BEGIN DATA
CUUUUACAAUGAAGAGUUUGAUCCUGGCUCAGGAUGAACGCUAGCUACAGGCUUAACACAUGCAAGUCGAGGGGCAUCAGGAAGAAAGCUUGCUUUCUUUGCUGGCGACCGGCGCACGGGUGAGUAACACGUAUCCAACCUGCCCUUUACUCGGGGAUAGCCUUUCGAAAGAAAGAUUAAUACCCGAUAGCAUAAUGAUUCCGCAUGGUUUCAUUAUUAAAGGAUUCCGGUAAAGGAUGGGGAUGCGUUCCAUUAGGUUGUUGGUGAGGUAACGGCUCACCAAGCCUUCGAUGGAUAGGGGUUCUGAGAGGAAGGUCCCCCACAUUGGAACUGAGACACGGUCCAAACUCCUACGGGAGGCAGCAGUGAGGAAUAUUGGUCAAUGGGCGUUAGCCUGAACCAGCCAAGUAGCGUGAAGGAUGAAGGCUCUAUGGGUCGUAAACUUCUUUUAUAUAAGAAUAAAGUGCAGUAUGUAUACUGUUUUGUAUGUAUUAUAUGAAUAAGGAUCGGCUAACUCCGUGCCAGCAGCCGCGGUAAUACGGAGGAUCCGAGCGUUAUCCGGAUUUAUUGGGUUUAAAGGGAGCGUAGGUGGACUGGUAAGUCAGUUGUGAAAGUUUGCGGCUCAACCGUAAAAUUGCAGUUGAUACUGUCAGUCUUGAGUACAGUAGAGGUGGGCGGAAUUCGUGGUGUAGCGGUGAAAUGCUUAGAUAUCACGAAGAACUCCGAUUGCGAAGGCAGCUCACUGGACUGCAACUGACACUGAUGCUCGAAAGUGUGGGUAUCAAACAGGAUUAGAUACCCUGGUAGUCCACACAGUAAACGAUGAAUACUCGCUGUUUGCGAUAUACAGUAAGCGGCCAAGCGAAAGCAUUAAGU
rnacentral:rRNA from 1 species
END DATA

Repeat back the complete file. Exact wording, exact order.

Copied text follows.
CUUUUACAAUGAAGAGUUUGAUCCUGGCUCAGGAUGAACGCUAGCUACAGGCUUAACACAUGCAAGUCGAGGGGCAUCAGGAAGAAAGCUUGCUUUCUUUGCUGGCGACCGGCGCACGGGUGAGUAACACGUAUCCAACCUGCCCUUUACUCGGGGAUAGCCUUUCGAAAGAAAGAUUAAUACCCGAUAGCAUAAUGAUUCCGCAUGGUUUCAUUAUUAAAGGAUUCCGGUAAAGGAUGGGGAUGCGUUCCAUUAGGUUGUUGGUGAGGUAACGGCUCACCAAGCCUUCGAUGGAUAGGGGUUCUGAGAGGAAGGUCCCCCACAUUGGAACUGAGACACGGUCCAAACUCCUACGGGAGGCAGCAGUGAGGAAUAUUGGUCAAUGGGCGUUAGCCUGAACCAGCCAAGUAGCGUGAAGGAUGAAGGCUCUAUGGGUCGUAAACUUCUUUUAUAUAAGAAUAAAGUGCAGUAUGUAUACUGUUUUGUAUGUAUUAUAUGAAUAAGGAUCGGCUAACUCCGUGCCAGCAGCCGCGGUAAUACGGAGGAUCCGAGCGUUAUCCGGAUUUAUUGGGUUUAAAGGGAGCGUAGGUGGACUGGUAAGUCAGUUGUGAAAGUUUGCGGCUCAACCGUAAAAUUGCAGUUGAUACUGUCAGUCUUGAGUACAGUAGAGGUGGGCGGAAUUCGUGGUGUAGCGGUGAAAUGCUUAGAUAUCACGAAGAACUCCGAUUGCGAAGGCAGCUCACUGGACUGCAACUGACACUGAUGCUCGAAAGUGUGGGUAUCAAACAGGAUUAGAUACCCUGGUAGUCCACACAGUAAACGAUGAAUACUCGCUGUUUGCGAUAUACAGUAAGCGGCCAAGCGAAAGCAUUAAGU
rnacentral:rRNA from 1 species